The chief human resource officers of more than 100 large companies, many of whom have recently cut thousands of jobs, have lobbied House Speaker John Boehner and Minority Leader Nancy Pelosi for quick passage of comprehensive immigration reform legislation.
The executives sent the letter
on Tuesday to the congressional leaders, The Washington Examiner
The companies represented in the letter reads like a who's who of corporate America: General Electric, Walt Disney, Marriott International, Hilton Worldwide, Hyatt Hotels, McDonald's, Coca-Cola, and Verizon Communications.
"All want to see increases in immigration levels for low-skill as well as high-skill workers, in addition to a path to citizenship for the millions of immigrants currently in the U.S. illegally," the Examiner reports.
A comprehensive immigration reform bill was passed in June by the Senate. The bill, which was sent to the House of Representatives, was proposed by the bipartisan Gang of Eight senators in April.
But the GOP-controlled House has said that it will not vote on such a huge Senate bill, opting instead to address immigration reform through individual legislation.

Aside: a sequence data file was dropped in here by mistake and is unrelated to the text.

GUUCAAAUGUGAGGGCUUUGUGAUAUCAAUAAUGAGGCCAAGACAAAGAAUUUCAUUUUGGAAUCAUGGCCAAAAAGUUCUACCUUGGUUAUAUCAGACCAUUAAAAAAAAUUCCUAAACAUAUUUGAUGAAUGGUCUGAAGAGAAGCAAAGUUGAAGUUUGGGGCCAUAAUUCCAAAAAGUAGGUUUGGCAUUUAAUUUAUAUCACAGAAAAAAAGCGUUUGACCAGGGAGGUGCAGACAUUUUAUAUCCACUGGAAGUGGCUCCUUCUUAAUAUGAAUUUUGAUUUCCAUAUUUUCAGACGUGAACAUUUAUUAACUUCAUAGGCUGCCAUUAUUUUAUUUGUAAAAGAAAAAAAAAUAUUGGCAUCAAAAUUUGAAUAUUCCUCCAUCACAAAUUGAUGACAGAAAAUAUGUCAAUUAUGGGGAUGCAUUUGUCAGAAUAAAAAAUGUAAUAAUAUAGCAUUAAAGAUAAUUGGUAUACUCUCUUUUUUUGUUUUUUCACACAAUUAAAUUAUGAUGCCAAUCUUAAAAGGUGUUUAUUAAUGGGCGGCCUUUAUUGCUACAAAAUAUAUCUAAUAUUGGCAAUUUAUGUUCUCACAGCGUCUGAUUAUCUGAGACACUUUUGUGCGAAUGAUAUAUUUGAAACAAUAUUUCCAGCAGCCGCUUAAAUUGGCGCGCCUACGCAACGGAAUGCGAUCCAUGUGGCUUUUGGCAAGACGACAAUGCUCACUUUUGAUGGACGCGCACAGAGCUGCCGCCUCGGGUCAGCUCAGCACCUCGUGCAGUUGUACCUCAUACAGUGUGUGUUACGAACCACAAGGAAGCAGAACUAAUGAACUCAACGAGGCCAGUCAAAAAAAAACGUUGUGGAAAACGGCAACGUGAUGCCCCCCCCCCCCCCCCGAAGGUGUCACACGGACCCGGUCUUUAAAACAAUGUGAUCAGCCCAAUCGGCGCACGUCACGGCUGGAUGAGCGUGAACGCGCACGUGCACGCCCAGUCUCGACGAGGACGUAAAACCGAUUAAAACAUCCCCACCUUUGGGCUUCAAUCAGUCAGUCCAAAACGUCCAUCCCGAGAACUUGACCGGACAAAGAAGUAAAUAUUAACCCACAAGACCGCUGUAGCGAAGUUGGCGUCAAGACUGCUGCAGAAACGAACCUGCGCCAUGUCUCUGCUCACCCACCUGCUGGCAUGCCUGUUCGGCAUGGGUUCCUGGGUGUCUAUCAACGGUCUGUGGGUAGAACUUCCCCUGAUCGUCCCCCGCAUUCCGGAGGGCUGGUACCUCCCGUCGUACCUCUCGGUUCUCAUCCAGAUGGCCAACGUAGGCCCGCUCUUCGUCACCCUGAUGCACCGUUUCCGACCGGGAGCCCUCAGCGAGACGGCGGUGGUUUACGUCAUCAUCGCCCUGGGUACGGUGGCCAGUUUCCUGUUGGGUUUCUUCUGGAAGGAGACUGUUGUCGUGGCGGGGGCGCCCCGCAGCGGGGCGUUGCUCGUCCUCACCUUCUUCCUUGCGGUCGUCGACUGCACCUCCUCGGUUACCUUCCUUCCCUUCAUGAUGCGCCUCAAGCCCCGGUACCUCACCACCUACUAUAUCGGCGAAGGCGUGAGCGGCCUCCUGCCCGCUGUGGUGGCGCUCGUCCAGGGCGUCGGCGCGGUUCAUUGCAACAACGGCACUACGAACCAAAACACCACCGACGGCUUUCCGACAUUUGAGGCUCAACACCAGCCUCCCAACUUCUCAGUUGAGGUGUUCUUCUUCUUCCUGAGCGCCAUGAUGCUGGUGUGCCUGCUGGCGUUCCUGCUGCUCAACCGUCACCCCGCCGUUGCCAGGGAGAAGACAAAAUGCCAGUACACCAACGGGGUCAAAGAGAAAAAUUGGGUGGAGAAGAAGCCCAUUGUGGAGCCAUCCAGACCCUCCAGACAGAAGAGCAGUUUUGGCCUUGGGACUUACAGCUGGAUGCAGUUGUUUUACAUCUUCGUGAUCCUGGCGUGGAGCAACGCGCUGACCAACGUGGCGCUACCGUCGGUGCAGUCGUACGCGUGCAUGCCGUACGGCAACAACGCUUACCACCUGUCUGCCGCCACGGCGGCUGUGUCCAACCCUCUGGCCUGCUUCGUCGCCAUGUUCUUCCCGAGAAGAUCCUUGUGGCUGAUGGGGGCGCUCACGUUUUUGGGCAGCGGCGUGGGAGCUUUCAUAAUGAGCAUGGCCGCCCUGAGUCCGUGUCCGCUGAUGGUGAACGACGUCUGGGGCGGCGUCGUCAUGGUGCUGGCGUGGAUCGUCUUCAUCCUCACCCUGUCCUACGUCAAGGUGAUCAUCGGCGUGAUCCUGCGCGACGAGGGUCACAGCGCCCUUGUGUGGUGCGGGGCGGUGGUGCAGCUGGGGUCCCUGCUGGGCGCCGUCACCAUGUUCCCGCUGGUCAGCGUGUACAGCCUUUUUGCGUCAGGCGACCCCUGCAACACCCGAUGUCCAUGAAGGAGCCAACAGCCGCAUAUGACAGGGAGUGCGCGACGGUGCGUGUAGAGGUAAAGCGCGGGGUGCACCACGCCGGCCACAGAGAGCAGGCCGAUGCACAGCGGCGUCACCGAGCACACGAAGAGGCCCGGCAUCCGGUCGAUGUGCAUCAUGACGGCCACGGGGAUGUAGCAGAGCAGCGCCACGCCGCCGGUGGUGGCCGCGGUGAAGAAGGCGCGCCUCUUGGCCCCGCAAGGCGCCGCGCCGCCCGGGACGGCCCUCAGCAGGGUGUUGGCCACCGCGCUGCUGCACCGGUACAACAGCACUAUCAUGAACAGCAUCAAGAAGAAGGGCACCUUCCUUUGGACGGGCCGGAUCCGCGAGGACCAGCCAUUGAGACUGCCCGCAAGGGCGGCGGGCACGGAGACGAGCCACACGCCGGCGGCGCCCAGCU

In their letter, the corporate officials say new comprehensive legislation "would be a long overdue step toward aligning our nation's immigration policies with its workforce needs at all skill levels to ensure U.S. global competitiveness."
They also cited a publication of their trade group, the HR Policy Association, which says immigration reform is necessary to "address the reality that there is a global war for talent," the Examiner reports.
"The way for the United States to win that war for talent, they say, is more immigration," the newspaper reports.
Noting that the U.S. unemployment rate is at 7.3 percent and is affecting Americans of all skill levels, the Examiner detailed some of the companies that have cut jobs in recent years.
For instance, Hewlett-Packard laid off 29,000 employees in 2012. Its executive vice president for human resources, Tracy Keogh, signed the Boehner-Pelosi letter.
Cisco Systems said in August that it would lay off 4,000 employees, joining the 8,000 who lost their jobs over the past two years. Cisco's senior vice president and chief human resources officer, Kathleen Weslock, also signed the letter.
"Those are just a few of the layoffs at companies whose officials signed the letter," the Examiner says. "It's fair to say a large number of the corporate signers of the letter demanding more labor from abroad have actually laid off workers at home in recent years."
The Examiner cited data from the Center for Immigration Studies, which also opposes the Gang of Eight's reform bill.
"It is difficult to understand how these companies can feel justified in demanding the importation of cheap labor with a straight face at a time when tens of millions of Americans are unemployed," the center says. "The companies claim the bill is an 'opportunity to level the playing field for U.S. employers' but it is more of an effort to level the wages of American citizens."
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